I can still recall, from my childhood, a TV commercial for an expensive camera. It featured a famous tennis star in a flashy setting and pounding music.
“Image is everything,” he proclaimed.
Growing up, my mother cared a lot about our family’s appearance and would always compliment my sister and me when we looked smart. Excelling in school was also expected, and although she was no strict disciplinarian, I knew how to behave, because disappointing her felt like a grave crime.
Like most first-generation immigrants, friends became as close as families. Blood relations were so far away!
My mother’s closest friend was a larger-than-life restaurateur. A showy, demanding woman at the center of most social gatherings in our circle. Yet her image contradicted her behavior, as my mother regularly complained that she was constantly asking to borrow money, often into thousands of dollars, to fund her ostentatious lifestyle. Believing that’s what friends are for, my mother would give in, knowing that the chance of repayment was slim.
I was annoyed with this setup and vowed never to let anyone take advantage of me. As a result, I rarely did anything for anyone without expecting something in return. For example, I took on an extravagant habit of paying for the whole table when dining out with friends, nonchalantly saying that they can cover the bill the next time. If they didn’t return the favor within a few weeks, I would severely judge their character.
As I got older, my views somewhat softened. I could empathize with those struggling to get by, but I was never going to be like them. “I shall spend responsibly, save and that will guarantee financial security.” And it seemed that luck was on my side, too. I landed a well-paying job right out of university and was quickly promoted. I bought a condo and in a few years sold it for a solid profit. I used the proceeds to buy beachfront land on an island in Thailand, convinced that the property would appreciate value as quickly and handsomely as did my condo.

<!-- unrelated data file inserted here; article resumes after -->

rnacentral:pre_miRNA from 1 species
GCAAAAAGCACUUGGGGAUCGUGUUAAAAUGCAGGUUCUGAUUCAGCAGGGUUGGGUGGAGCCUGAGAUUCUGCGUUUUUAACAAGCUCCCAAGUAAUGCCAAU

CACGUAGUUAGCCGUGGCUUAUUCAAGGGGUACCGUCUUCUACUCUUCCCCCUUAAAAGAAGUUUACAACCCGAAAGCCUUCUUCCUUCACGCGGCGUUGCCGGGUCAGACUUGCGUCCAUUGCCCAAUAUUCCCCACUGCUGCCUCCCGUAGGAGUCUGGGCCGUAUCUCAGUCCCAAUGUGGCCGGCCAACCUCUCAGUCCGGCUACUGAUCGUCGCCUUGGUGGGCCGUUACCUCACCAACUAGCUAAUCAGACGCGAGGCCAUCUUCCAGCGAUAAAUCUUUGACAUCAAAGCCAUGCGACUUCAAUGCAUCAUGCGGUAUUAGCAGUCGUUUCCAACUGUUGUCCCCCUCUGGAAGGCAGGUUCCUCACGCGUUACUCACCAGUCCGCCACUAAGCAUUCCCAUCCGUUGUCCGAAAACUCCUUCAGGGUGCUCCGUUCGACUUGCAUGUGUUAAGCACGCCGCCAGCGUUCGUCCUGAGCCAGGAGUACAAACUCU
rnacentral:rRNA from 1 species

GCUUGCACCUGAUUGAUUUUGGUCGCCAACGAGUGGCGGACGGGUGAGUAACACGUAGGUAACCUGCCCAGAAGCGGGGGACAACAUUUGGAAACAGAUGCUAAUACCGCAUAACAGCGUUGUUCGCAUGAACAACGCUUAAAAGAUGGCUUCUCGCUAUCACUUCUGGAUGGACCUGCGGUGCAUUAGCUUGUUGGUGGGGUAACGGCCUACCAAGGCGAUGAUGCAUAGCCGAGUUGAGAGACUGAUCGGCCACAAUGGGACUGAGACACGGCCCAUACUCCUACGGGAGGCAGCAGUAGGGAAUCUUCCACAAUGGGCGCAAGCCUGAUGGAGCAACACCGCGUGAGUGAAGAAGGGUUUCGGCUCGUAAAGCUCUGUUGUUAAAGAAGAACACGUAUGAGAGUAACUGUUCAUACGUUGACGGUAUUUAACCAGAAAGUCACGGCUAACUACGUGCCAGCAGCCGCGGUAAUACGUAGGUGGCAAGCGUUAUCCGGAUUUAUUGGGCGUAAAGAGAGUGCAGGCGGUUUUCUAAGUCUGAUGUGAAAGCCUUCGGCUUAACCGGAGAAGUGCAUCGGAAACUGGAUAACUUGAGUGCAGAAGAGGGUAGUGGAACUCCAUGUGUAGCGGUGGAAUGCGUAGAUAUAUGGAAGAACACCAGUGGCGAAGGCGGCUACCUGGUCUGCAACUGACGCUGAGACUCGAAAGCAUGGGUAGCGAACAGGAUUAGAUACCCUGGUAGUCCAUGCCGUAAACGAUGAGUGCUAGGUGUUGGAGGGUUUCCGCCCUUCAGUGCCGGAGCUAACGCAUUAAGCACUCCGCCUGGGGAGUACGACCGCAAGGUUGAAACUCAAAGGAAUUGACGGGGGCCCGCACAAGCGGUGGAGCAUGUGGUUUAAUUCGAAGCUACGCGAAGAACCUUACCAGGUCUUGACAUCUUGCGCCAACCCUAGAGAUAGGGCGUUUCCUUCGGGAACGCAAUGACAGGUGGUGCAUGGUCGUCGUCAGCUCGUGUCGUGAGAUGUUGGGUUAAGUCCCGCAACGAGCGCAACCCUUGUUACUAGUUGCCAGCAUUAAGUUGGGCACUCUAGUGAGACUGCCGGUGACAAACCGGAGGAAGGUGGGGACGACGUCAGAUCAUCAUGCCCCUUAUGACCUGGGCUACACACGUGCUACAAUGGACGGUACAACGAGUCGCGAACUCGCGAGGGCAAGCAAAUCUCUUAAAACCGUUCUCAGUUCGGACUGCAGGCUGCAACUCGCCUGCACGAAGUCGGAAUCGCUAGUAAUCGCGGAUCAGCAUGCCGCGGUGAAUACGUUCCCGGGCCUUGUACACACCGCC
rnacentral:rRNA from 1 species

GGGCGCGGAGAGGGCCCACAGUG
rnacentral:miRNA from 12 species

A Lesson in Impermanence
The 2008 financial crisis, along with political upheaval in Thailand, gave me a wakeup call. The planned quick-profit was no longer realistic and I was stuck with my purchase for the time being.
I decided that instead of waiting for my luck to change, I would start building some homes on the land and rent them out to vacationers. After lots of hard work and more investment, I had a small collection of pool villas ready to offer. However, I began receiving news that all was not well shortly after guests started to arrive. Reports of missing money and electronic gadgets became more frequent, but I dismissed them as carelessness on the part of my customers. However, when friends visited and found their room ransacked after dinner one evening, it was clear that I had a burglar problem.
I had constructed a self-image of the cool, adventurous hotelier, and was caught off-guard when this very ugly problem showed up at my door. I remember feeling incredibly stressed. Will my business fail because of this? I would expect the worse every time my phone rang, convinced that another theft just took place. I spent many sleepless nights when all the homes were fully booked, nervous and worried, instead of resting easy with financial security. Why was this happening to me?
Although the burglary problem was eventually solved, the experience soured me from my beachfront paradise. I started to spend more time away from the island and trusted my staff to keep things in order. I would visit only once every couple of months and left as soon as I could do so. I should have been proud of the business that I spent close to a decade building, but I was instead filled with anxiety, expecting another theft at any moment.
Material Success through Yoga Principles
On the island, I often visited, with my next-door neighbor, a European couple with a collection of bungalows and a lively restaurant, and was always impressed with how they ran their business. Instead of speaking candidly, I wanted to convince them that everything was perfect at my place. Why was I away so much? Because I have other businesses that needed my attention, I explained, trying to sound impressive when, in fact, I felt like a failure. I kept up this charade with friends and family, too. Image is everything, after all.